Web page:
Neutrophil-mediated tumor cell killing is achieved via ferroptosis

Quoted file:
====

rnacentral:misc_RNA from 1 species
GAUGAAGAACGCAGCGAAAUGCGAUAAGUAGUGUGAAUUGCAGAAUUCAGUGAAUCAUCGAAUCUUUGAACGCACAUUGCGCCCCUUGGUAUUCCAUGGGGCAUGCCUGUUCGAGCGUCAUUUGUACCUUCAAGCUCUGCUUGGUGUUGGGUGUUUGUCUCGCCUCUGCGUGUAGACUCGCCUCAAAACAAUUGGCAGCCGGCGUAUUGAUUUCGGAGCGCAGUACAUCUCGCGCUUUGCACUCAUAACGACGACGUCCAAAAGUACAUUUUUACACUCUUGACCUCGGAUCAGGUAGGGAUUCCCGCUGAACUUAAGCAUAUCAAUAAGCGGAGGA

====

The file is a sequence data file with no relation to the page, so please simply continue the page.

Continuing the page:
To understand the nature of neutrophil-induced tumor cell death, we employed a panel of small-molecule inhibitors, which specifically suppress certain types of regulated cell death. These inhibitors include z-VAD-FMK (apoptosis), necrostatin-1 (necroptosis), GSK-872 (necroptosis), necrosulfonamide (NSA; necroptosis), ferrostatin-1 (ferroptosis), and N-acetyl-L-cysteine (NAC; ROS-induced cell death). These compounds did not affect viability of LN229TAZ(4SA) tumor cells when they were cultured alone (Supplementary Fig. 4a). Interestingly, of these, only ferrostatin-1 and NAC seem to rescue tumor cells from killing by differentiated 32Dcl3 neutrophils (Fig. 4a). Of note, although necrostatin-1 could partially rescue neutrophil-mediated killing, the other two necroptosis inhibitors, GSK-872 and NSA, did not show such an effect (Fig. 4a). Given that necrostatin-1 has been reported to non-specifically inhibit ferroptosis as an off-target effect40, necroptosis likely was not involved in the cell death we observed. Therefore, this screen suggested that ferroptosis is likely the underlying mechanism of neutrophil-induced tumor cell death. We next confirmed that ferrostatin-1 also suppresses the tumor cell death induced by TANs or differentiated HL-60 neutrophils (Fig. 4b and Supplementary Fig. 4b). Liproxstatin-1 is another ferroptosis inhibitor that is likely a radical-trapping antioxidant40,41. We found that liproxstatin-1 similarly rescues tumor cells from killing by the two aforementioned types of neutrophils (Supplementary Fig. 4b, c). To investigate whether such cell death is iron-dependent, we attempted to rescue neutrophilic killing using an iron chelator, deferoxamine (DFO). Indeed, DFO abolished neutrophil-induced tumor cell death (Fig. 4b and Supplementary Fig. 4b). Additionally, we used the Sytox dye assay and further confirmed that neutrophil-induced tumor cell death can be inhibited by ferrostatin-1, liproxstatin-1, or DFO (Supplementary Fig. 4d). Although the exact mechanisms leading to eventual cellular demise in ferroptosis remain to be defined, it is well-established that ferroptosis is characterized by excessive intracellular accumulation of lipid peroxides. We pondered whether TANs or differentiated neutrophils induce lipid peroxidation in tumor cells, so we subjected neutrophil-tumor cell cocultures to both a general ROS indicator, DCFDA, and a lipid ROS-specific indicator, BODIPY. Tumor cells cocultured with TANs and differentiated 32Dcl3 cells showed greater DCFDA and BODIPY signals than those cultured alone (Fig. 4c, d and Supplementary Fig. 4e, f), revealing higher amounts of lipid peroxidation in the cocultured tumor cells. When ferrostatin-1, liproxstatin-1, or DFO was added into the coculture, accumulation of lipid peroxides, as indicated by BODIPY, was abolished (Supplementary Fig. 4g, h). Ferroptotic cells have been reported to contain smaller and condensed mitochondria18, and LN229TAZ(4SA) cells cocultured with the cytotoxic differentiated 32Dcl3 and HL-60 cells exhibited such mitochondrial pathology (Fig. 4e), consistent with ferroptotic cell death. Interestingly, mitochondria in these tumor cells also appeared morphologically distorted, with fewer and swollen cristae (Fig. 4e).